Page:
In Mars Canada Inc. v. Bemco Cash & Carry Inc., the Ontario Court of Appeal upheld a finding granted on summary judgment that the appellants had breached their settlement agreements and rejected their argument that the agreements were invalid for being an improper restraint of trade.

The appellants were involved in "grey market" trade of Mars trade-marked products, buying genuine branded products such as Mars, Snickers and M&Ms in the United States and then importing them for sale in Canada at retail prices below those offered by the respondent's local distributors.

Instead of advancing a defence of the lawfulness of their activities, the appellants entered into settlement agreements agreeing not to import or sell Mars products in Canada without the respondent's consent. After they were found violating these settlement agreements, the appellants argued that the agreements were void for being an improper restraint of trade.

The Court of Appeal rejected the argument and upheld the analysis of the Superior Court judge, who noted that settlement agreements are strongly favoured and supported by the law. The Court of Appeal further found that the settlement was unquestionably reasonable when considering the interests of the parties since it resolved their dispute and defined the scope of their trading rights.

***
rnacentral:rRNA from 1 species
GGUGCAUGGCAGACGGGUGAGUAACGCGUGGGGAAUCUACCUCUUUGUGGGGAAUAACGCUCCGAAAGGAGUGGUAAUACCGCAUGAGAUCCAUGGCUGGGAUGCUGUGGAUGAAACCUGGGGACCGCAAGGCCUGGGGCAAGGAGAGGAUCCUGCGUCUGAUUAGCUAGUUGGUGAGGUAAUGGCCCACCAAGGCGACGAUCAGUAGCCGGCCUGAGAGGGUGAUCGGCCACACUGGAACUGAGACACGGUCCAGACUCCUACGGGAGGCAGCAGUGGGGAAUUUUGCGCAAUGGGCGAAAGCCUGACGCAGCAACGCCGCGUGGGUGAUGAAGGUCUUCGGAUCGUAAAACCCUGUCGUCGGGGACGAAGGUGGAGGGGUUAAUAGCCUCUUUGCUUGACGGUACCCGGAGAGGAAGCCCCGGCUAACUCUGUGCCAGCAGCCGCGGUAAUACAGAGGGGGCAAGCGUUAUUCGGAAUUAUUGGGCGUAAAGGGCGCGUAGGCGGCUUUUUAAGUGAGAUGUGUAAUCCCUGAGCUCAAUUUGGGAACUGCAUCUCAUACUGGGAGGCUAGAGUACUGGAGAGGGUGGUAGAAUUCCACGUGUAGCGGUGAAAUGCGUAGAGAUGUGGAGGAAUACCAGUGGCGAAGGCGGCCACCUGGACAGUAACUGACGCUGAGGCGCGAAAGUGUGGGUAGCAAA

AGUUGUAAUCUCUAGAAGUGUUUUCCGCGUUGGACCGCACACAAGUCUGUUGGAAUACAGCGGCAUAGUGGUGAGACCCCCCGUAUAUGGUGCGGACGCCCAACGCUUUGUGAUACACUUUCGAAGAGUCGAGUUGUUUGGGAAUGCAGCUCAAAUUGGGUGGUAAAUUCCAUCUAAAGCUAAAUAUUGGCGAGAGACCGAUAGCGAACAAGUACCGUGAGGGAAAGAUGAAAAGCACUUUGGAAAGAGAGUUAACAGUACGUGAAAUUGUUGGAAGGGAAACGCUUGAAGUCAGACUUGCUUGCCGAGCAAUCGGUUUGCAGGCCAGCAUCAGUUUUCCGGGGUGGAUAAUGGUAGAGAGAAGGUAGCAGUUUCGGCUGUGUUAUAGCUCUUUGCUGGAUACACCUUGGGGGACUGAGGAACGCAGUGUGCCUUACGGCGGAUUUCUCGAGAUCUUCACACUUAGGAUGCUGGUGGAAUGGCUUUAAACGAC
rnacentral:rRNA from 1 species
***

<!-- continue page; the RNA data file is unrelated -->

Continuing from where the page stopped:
The Court of Appeal further upheld the judge's decisions to direct a reference to determine the respondent's damages and to award costs against the appellants on a substantial indemnity basis. In hearing the motion for summary judgment, the judge had the jurisdiction to decide the issue of liability and then order a reference as to damages. The Court of Appeal similarly deferred on the question of costs, where the judge had found the appellants had engaged in "hardball tactics" and that they ought to have reasonably anticipated that their conduct would run up substantial legal fees.

The Court of Appeal's decision emphasizes the regard the courts have with respect to settlement agreements, especially where the parties are sophisticated business people represented by top-flight legal counsel and in the midst of serious litigation.